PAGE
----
The Political Committee monitors area political activity, promotes the awareness of environmental issues as they relate to the ballot box, and promotes environmentally responsible candidates for political office.  The committee is especially active at election time. 

Houston Regional Group - October 25, 2018

Houston Sierra Club Flood Management Policy

Since its founding in the late 1960’s, the Houston Sierra Club (Sierra Club) has advocated for flood management that not only “Keeps people out of harm’s way” but also “Works with, and not against Nature”. These two principles, along with public participation and transparency for public decision-making processes, are the foundation of the Sierra Club’s “Flood Management Policy”.  The Sierra Club favors a cooperative regional approach for flood management and ecosystem protection, which extends over multiple counties and entire watersheds, in the greater Houston area and Galveston Bay.  The Houston Sierra Club supports:

1)Protection of greenspace– Flood management entities must emphasize solutions rooted in the Houston Region’s natural ecology which includes prairies, riparian areas, forests, woodlands and savannahs, coastal shorelines, wetland areas, estuaries, lakes and ponds, and rivers and streams.  The Sierra Club supports project priority criteria that favor non-structural above structural solutions.

Prioritization for the acquisition, preservation, protection, and management of ecologically important lands and property within and next to floodplains in each watershed, as greenspace, can simultaneously accommodate floodwaters and parks, natural areas, wildlife habitat, and compatible recreation.

The Sierra Club favors off-line detention over in-line detention to protect existing streams and rivers and riparian, bottomland, and aquatic vegetation and ecosystems.  In-line detention widens and channelizes streams and eradicates their ecological values. A program that identifies, maps, and protects agricultural and forest lands in the greater Houston area would be beneficial for flood management and ecosystem protection and should be implemented. 

2)Decisions based on the latest scientific data– Flood management decisions must be based upon the best scientific information that are available or that can be obtained in a seasonable time.  Timely updates of Flood Insurance Rate Maps (FIRMs) and use of the latest precipitation frequency maps and elevation maps must become the norm.  To make sound, long-term planning decisions, FIRMs must document at a minimum, watershed overflow zones, and show the 500, 250, and 100-year floodplains.  This will empower residents to evaluate their susceptibility to flooding.  Updated FIRMs must be used to evaluate dam adequacy and safety and other flood problems.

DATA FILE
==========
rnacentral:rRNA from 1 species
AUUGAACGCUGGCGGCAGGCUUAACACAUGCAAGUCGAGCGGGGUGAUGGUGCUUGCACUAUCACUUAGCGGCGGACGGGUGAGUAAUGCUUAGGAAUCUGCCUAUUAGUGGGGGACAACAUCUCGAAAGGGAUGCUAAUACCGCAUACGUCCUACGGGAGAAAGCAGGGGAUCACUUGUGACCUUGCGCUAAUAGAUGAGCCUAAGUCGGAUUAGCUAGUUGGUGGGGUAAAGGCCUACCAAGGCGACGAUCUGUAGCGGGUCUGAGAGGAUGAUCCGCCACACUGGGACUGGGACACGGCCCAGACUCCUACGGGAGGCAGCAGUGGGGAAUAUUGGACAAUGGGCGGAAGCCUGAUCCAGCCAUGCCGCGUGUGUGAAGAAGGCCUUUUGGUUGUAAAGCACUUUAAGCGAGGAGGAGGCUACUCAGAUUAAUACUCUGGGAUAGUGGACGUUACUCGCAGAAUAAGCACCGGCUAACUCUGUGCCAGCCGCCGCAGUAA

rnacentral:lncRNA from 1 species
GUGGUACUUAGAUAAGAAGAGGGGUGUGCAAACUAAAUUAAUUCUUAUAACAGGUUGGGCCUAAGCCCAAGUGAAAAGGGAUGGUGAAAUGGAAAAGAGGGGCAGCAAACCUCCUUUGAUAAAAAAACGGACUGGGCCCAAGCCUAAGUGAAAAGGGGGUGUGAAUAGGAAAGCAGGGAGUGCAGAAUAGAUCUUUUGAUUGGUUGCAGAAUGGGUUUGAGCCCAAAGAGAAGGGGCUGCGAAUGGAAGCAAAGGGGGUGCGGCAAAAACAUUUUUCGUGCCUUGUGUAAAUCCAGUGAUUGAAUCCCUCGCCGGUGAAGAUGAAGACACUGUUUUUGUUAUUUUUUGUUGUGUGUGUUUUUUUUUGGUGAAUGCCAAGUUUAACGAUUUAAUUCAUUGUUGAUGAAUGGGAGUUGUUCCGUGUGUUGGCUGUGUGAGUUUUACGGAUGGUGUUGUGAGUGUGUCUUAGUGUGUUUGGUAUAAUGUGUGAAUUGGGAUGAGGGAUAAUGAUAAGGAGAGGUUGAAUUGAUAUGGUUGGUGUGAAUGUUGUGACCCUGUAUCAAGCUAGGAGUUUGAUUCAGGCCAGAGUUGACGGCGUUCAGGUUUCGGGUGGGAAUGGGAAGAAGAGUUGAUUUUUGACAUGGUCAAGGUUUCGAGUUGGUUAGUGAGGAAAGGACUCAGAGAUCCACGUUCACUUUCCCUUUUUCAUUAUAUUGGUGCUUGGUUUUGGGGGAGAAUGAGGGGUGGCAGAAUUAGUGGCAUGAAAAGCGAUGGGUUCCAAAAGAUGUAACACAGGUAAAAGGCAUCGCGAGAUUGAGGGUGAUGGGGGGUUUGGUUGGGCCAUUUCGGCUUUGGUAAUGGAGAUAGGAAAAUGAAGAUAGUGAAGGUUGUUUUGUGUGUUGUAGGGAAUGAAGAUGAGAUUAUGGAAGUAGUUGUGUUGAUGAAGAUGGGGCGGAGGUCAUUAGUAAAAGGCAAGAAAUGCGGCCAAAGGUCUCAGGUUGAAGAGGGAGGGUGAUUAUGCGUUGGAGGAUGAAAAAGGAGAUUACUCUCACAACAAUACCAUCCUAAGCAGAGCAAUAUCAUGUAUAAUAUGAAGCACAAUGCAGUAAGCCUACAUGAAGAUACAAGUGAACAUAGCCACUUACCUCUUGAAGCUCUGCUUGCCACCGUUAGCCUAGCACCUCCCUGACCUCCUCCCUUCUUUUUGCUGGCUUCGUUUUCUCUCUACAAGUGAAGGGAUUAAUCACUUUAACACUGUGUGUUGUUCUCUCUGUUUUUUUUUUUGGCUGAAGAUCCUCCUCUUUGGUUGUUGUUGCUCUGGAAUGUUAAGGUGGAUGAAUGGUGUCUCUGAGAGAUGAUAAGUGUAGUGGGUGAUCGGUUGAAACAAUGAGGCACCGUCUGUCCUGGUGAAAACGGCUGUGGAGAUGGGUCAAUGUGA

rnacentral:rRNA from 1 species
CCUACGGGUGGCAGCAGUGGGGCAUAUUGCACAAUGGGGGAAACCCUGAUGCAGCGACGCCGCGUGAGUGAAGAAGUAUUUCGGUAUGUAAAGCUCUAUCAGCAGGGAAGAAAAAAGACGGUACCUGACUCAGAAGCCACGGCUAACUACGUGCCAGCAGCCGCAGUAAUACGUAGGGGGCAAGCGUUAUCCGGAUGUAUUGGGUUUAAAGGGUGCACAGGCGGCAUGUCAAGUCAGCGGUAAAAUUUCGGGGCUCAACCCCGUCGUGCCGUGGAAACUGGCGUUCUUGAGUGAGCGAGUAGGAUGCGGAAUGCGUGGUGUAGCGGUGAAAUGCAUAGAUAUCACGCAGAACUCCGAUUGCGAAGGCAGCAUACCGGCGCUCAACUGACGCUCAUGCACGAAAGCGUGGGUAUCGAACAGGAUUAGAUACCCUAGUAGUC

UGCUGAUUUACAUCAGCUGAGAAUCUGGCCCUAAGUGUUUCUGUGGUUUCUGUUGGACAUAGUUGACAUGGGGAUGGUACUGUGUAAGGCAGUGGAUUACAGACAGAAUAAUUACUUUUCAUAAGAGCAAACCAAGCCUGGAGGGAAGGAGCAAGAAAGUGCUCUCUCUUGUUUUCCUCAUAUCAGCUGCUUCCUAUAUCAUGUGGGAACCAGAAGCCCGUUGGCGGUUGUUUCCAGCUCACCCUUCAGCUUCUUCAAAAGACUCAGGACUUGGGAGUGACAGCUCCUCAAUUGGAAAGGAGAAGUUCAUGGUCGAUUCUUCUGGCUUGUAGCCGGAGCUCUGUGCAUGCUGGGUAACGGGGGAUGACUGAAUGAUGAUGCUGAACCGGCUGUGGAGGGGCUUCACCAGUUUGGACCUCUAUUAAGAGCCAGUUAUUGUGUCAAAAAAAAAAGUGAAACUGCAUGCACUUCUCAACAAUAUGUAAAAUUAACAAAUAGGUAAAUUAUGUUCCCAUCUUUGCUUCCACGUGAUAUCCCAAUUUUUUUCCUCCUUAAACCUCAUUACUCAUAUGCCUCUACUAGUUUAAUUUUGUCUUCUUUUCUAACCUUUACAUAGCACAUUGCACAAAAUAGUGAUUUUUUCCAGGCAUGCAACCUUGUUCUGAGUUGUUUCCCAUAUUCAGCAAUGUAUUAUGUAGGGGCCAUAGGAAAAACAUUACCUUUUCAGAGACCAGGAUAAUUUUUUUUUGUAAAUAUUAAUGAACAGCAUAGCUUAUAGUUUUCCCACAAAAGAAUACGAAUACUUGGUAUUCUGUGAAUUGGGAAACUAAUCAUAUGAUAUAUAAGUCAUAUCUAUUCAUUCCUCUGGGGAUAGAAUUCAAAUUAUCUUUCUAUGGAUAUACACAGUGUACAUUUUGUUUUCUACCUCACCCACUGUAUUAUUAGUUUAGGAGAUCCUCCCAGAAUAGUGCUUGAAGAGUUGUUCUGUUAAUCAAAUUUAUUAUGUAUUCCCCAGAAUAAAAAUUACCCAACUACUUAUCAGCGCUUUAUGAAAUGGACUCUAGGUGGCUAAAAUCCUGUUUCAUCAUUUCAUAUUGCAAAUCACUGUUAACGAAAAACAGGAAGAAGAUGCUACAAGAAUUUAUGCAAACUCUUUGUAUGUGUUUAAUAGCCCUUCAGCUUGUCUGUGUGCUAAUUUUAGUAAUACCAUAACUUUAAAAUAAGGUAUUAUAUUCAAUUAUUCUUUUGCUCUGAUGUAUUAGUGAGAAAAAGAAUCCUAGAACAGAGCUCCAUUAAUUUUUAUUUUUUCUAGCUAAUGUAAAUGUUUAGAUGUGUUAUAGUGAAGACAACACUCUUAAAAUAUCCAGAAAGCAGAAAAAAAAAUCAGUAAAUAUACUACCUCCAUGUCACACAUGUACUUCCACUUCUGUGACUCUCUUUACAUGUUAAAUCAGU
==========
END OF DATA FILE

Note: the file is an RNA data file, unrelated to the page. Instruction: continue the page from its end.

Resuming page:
3)Prevention of future harm– Flood warning systems must be expanded and include more U.S. Geological Survey (USGS) stream-gages, especially upstream of Harris County, to ensure watershed flood modeling, monitoring, and early warning systems on local and regional watersheds work as effectively and efficiently as possible.

4)Neighborhood-centered solutions– To sustain neighborhoods in each watershed, there must be public input to determine flood problems and solutions. Neighborhoods must have significant and effective input when decisions are made about prioritization of residential buyouts versus offering financial support to elevate structures. 

To ensure equality, inclusion, and environmental justice we must identify and support funding mechanisms for economically disadvantaged neighborhoods which create houses that are sustainable in floods, protect people, and are environmentally appropriate.  Flood management entities must emphasize watershed planning, public education and participation, and regulatory enforcement.  Property sales must disclose the flood history of the structure in addition to the FIRM flood zone.  Renters must be told if the property they want to rent has flooded.

5)Maximize transparency and public involvement– Effective and frequent public involvement and political transparency must be required for all significant flood management decisions.  Public meetings and hearings with public review and comment periods of appropriate length must be mandatory.

6)Continued monitoring for optimal decision-making– Audits must be implemented to gauge the degree of flood management success for all permits so that they are consistent with FEMA’s “substantial damage” guidelines.  A system of Post-Harvey flood protocols must be created and implemented to ensure rapid implementation of FEMA guidelines for issuance of construction permits and accurate calculation of substantial damage estimates.

7) Planning – To assist in planning and modeling for flood management strategies, assume a minimum of 80% or greater of impervious surface in areas of high urban development in each watershed.  Conduct and implement the study results about how much pervious surface should be protected and left in each watershed.  Watershed planning should include opportunities for robust public participation.

8) Climate change preparation and implementation– Plan for and implement climate change impact mitigation which reflects an increase in intensity, frequency, and magnitude of storm and rainfall events and sea level rise.  Governmental entities will implement a reduction in carbon dioxide, methane, and other air pollutants which cause climate change. 

9)Sea level rise– Flood management must identify and map sea level rise buffers on low-lying coastal floodplains.  These buffers must reflect at least 100 years of sea level rise on public and private lands. Storm surge and sea level rise can magnify flood impacts on waterways that are tidally influenced.

Current buyout programs are voluntary.  Increased storm surge incursion, due to sea level rise, will render some properties economically unreasonable to protect or insure in the future.  These properties should be subject to buyouts or determined ineligible for federal flood insurance.  This strategy mimics the current ban on building in the regulatory floodway.  Buy-out programs should be based on risk to public safety, health, and ecological health.